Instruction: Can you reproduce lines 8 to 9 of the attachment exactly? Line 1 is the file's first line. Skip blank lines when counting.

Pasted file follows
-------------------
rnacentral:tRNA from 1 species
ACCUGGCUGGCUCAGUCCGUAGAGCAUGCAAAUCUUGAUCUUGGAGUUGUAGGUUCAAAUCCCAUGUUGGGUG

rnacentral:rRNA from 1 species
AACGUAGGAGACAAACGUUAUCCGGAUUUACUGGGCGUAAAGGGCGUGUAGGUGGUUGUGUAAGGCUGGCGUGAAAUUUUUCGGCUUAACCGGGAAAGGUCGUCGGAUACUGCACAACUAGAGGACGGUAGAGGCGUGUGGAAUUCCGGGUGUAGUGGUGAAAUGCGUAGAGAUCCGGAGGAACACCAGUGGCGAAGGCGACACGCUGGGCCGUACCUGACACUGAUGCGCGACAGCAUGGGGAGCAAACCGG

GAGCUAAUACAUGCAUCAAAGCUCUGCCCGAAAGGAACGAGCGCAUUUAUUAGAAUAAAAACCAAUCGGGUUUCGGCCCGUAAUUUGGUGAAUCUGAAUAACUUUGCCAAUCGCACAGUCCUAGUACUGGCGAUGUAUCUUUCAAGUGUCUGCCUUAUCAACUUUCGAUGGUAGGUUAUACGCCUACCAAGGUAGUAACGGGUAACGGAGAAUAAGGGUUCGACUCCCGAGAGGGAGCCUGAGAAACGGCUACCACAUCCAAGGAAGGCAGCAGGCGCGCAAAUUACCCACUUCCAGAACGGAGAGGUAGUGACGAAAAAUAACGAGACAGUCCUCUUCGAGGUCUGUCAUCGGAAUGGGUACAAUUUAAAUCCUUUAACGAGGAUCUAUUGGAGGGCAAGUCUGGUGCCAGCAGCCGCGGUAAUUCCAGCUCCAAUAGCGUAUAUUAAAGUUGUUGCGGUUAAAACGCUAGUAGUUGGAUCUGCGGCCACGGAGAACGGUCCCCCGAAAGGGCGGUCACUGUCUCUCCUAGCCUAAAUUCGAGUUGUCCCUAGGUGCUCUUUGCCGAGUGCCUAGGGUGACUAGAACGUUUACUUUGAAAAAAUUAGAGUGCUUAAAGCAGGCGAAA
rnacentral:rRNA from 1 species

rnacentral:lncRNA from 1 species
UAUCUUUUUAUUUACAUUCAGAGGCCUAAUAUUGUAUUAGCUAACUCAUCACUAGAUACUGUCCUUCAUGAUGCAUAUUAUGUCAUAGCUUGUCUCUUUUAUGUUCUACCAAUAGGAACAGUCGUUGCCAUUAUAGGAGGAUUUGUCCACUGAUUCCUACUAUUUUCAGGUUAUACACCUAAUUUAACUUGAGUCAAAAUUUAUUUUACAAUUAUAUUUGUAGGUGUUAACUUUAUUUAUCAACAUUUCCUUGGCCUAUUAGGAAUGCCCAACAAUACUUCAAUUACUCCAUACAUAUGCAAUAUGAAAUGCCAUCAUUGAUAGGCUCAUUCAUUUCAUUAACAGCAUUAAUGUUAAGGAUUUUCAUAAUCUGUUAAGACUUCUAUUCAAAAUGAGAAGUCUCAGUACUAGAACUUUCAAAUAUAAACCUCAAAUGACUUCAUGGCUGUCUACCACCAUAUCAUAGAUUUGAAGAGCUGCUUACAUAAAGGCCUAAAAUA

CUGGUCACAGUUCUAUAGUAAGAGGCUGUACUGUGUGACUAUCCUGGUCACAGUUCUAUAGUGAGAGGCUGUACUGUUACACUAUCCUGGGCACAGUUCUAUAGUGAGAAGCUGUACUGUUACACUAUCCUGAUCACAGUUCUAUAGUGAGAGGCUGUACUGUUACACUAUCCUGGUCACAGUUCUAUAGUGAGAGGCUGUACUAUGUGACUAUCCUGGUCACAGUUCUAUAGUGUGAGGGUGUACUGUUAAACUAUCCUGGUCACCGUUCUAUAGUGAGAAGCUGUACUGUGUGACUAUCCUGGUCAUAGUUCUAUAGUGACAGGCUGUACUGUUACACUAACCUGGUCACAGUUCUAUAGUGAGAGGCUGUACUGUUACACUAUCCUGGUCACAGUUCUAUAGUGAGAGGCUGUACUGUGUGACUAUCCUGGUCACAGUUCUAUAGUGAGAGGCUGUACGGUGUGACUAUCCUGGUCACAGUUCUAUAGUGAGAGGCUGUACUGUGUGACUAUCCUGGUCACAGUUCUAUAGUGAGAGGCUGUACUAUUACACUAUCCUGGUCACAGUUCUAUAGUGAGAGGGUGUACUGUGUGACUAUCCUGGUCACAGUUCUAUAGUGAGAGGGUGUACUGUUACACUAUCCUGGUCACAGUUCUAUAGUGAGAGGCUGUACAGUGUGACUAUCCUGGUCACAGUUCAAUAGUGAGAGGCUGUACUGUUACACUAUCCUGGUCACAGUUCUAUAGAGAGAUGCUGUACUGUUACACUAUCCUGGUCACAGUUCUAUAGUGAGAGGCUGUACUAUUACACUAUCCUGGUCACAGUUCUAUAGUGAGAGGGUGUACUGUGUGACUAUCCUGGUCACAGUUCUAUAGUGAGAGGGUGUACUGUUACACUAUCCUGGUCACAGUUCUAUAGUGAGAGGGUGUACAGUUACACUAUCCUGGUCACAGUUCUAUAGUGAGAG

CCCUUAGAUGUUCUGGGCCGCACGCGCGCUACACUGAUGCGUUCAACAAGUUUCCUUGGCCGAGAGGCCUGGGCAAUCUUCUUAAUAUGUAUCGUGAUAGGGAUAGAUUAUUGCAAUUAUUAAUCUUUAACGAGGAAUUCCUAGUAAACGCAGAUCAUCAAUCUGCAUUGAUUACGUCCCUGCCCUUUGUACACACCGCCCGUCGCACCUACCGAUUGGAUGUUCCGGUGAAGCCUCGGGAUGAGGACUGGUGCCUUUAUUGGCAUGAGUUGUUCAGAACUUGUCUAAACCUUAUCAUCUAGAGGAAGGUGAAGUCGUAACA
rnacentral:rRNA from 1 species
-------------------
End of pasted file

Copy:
UAUCUUUUUAUUUACAUUCAGAGGCCUAAUAUUGUAUUAGCUAACUCAUCACUAGAUACUGUCCUUCAUGAUGCAUAUUAUGUCAUAGCUUGUCUCUUUUAUGUUCUACCAAUAGGAACAGUCGUUGCCAUUAUAGGAGGAUUUGUCCACUGAUUCCUACUAUUUUCAGGUUAUACACCUAAUUUAACUUGAGUCAAAAUUUAUUUUACAAUUAUAUUUGUAGGUGUUAACUUUAUUUAUCAACAUUUCCUUGGCCUAUUAGGAAUGCCCAACAAUACUUCAAUUACUCCAUACAUAUGCAAUAUGAAAUGCCAUCAUUGAUAGGCUCAUUCAUUUCAUUAACAGCAUUAAUGUUAAGGAUUUUCAUAAUCUGUUAAGACUUCUAUUCAAAAUGAGAAGUCUCAGUACUAGAACUUUCAAAUAUAAACCUCAAAUGACUUCAUGGCUGUCUACCACCAUAUCAUAGAUUUGAAGAGCUGCUUACAUAAAGGCCUAAAAUA

CUGGUCACAGUUCUAUAGUAAGAGGCUGUACUGUGUGACUAUCCUGGUCACAGUUCUAUAGUGAGAGGCUGUACUGUUACACUAUCCUGGGCACAGUUCUAUAGUGAGAAGCUGUACUGUUACACUAUCCUGAUCACAGUUCUAUAGUGAGAGGCUGUACUGUUACACUAUCCUGGUCACAGUUCUAUAGUGAGAGGCUGUACUAUGUGACUAUCCUGGUCACAGUUCUAUAGUGUGAGGGUGUACUGUUAAACUAUCCUGGUCACCGUUCUAUAGUGAGAAGCUGUACUGUGUGACUAUCCUGGUCAUAGUUCUAUAGUGACAGGCUGUACUGUUACACUAACCUGGUCACAGUUCUAUAGUGAGAGGCUGUACUGUUACACUAUCCUGGUCACAGUUCUAUAGUGAGAGGCUGUACUGUGUGACUAUCCUGGUCACAGUUCUAUAGUGAGAGGCUGUACGGUGUGACUAUCCUGGUCACAGUUCUAUAGUGAGAGGCUGUACUGUGUGACUAUCCUGGUCACAGUUCUAUAGUGAGAGGCUGUACUAUUACACUAUCCUGGUCACAGUUCUAUAGUGAGAGGGUGUACUGUGUGACUAUCCUGGUCACAGUUCUAUAGUGAGAGGGUGUACUGUUACACUAUCCUGGUCACAGUUCUAUAGUGAGAGGCUGUACAGUGUGACUAUCCUGGUCACAGUUCAAUAGUGAGAGGCUGUACUGUUACACUAUCCUGGUCACAGUUCUAUAGAGAGAUGCUGUACUGUUACACUAUCCUGGUCACAGUUCUAUAGUGAGAGGCUGUACUAUUACACUAUCCUGGUCACAGUUCUAUAGUGAGAGGGUGUACUGUGUGACUAUCCUGGUCACAGUUCUAUAGUGAGAGGGUGUACUGUUACACUAUCCUGGUCACAGUUCUAUAGUGAGAGGGUGUACAGUUACACUAUCCUGGUCACAGUUCUAUAGUGAGAG